The key question of this edition of the paper is why Italian companies decide to go public or, conversely, why they decide to stay away from capital markets. Findings show that firms go public when their pre-IPO characteristics are such that the arguments in favour of an IPO prevail over the arguments against it.
The key question of this edition of the paper is why Italian companies decide to go public or, conversely, why they decide to stay away from capital markets. We try to answer these questions with two different methodological approaches. On one side, we carry out an extensive number of interviews with listed and private companies making up a focus group, so to collect first-hand indications regarding our key question and to corroborate the results of the second part of the analysis. On the other side, we set up an empirical analysis over the period 2006-2016 that studies the pre-IPO characteristics of firms that go public compared to those that do not. In particular, we are interested in identifying the factors that motivate Italian firms to either go public or remain private.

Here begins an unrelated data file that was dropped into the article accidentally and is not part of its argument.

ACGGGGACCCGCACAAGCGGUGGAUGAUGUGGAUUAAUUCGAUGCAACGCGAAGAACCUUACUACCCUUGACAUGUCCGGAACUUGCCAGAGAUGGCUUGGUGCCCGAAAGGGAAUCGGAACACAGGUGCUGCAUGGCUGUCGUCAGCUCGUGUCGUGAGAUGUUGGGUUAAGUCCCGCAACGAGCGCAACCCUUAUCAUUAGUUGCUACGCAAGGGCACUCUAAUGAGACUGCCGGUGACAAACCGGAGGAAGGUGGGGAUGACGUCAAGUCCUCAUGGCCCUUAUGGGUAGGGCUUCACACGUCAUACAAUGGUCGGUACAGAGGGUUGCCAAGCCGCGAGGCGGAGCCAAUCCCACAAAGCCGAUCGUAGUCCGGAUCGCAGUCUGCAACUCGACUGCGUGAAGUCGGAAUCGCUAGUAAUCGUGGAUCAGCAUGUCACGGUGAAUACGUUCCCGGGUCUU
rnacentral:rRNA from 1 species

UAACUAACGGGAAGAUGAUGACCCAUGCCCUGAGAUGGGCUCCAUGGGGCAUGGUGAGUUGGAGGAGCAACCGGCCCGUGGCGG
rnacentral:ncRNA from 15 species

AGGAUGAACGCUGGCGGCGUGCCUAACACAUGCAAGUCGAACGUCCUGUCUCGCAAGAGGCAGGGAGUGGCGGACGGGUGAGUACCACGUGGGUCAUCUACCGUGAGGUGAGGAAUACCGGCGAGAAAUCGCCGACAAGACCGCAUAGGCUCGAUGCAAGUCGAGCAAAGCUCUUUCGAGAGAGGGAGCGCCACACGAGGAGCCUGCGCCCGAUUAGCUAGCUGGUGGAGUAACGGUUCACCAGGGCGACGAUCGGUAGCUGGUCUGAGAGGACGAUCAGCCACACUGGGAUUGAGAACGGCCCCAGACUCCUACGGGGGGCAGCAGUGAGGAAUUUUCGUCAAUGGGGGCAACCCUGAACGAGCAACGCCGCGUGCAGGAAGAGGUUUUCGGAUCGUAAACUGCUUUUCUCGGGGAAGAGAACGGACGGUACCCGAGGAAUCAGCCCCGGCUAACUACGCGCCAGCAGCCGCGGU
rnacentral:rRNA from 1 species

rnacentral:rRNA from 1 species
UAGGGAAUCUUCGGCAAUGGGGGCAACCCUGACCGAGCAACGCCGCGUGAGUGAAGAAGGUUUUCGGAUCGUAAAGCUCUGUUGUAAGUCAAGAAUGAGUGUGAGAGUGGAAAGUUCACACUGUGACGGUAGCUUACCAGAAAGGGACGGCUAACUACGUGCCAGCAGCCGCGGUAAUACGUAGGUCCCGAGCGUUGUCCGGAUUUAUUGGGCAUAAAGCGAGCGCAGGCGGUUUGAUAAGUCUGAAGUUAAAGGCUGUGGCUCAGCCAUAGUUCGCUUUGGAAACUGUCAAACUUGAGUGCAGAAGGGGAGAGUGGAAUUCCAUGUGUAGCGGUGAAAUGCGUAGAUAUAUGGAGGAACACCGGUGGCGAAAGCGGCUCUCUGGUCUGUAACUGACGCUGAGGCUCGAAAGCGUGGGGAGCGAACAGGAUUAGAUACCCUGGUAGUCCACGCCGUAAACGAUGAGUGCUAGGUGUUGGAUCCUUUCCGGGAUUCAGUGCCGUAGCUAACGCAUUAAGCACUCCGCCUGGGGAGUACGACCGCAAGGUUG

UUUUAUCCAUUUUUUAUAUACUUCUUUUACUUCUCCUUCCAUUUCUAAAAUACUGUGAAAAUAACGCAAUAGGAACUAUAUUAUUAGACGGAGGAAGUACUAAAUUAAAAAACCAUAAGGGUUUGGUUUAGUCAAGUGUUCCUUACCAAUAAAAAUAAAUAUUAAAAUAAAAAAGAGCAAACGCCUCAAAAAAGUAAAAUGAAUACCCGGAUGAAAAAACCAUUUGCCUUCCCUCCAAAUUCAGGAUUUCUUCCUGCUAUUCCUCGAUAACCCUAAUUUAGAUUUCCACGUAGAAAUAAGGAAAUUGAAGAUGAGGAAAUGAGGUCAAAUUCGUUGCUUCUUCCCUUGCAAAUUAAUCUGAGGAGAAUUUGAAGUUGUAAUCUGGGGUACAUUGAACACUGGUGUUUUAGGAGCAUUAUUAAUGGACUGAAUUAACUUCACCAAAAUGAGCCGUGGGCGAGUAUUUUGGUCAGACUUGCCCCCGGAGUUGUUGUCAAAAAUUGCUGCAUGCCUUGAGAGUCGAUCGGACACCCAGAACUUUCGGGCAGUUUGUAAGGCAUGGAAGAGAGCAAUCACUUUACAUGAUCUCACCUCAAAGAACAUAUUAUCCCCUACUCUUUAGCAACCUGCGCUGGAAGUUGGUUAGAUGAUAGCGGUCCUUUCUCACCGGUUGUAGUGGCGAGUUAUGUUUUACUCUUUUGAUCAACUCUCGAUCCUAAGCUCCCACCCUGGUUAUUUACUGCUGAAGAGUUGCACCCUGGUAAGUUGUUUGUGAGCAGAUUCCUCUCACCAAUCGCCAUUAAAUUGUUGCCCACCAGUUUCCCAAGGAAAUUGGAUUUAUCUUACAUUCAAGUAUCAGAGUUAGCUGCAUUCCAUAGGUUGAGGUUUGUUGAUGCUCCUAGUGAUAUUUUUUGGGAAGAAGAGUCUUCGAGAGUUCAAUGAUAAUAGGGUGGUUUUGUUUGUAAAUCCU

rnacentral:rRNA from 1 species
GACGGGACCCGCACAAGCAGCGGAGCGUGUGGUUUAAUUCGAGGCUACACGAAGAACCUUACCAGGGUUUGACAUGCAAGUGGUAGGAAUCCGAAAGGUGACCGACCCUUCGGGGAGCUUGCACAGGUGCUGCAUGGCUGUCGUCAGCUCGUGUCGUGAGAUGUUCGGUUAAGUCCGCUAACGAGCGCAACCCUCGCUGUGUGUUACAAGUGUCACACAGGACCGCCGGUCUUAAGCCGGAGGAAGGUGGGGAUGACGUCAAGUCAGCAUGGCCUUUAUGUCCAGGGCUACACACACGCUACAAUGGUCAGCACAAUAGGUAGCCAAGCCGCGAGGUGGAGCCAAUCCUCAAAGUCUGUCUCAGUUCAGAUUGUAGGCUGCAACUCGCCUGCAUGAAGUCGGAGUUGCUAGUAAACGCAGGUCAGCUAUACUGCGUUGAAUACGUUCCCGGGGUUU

Our findings show that firms go public when their pre-IPO characteristics are such that the arguments in favour of an IPO prevail over the arguments against it.
Below you’ll find the research written in 2018 by the BAFFI CAREFIN Research Center of Bocconi University in collaboration with Equita.
Enjoy the reading.
Preface curated by Equita
2017 will be remembered as the year in which the Italian capital markets final- ly took a significant step toward becoming a reliable source of funding for Italian companies.
The volume of issues by Italian corporates in the debt and equity markets increased dramatically from 2016 to 2017, with more than €50 billion raised through almost 200 issues in 2017. This was more than three times the number of issues seen in 2007. Even more interestingly, half of these issues took place in markets dedicated to SMEs that were launched in the past 10 years, especially the AIM market of Borsa Italiana and the “minibond” market. While equity issues by larger companies in the regulated markets have been relatively stable over the past ten years, the smaller companies have been the major contributors to the growth of the markets. This indicates a clear cultural shift toward increasing openness to the capital markets and away from the traditional sources of financing.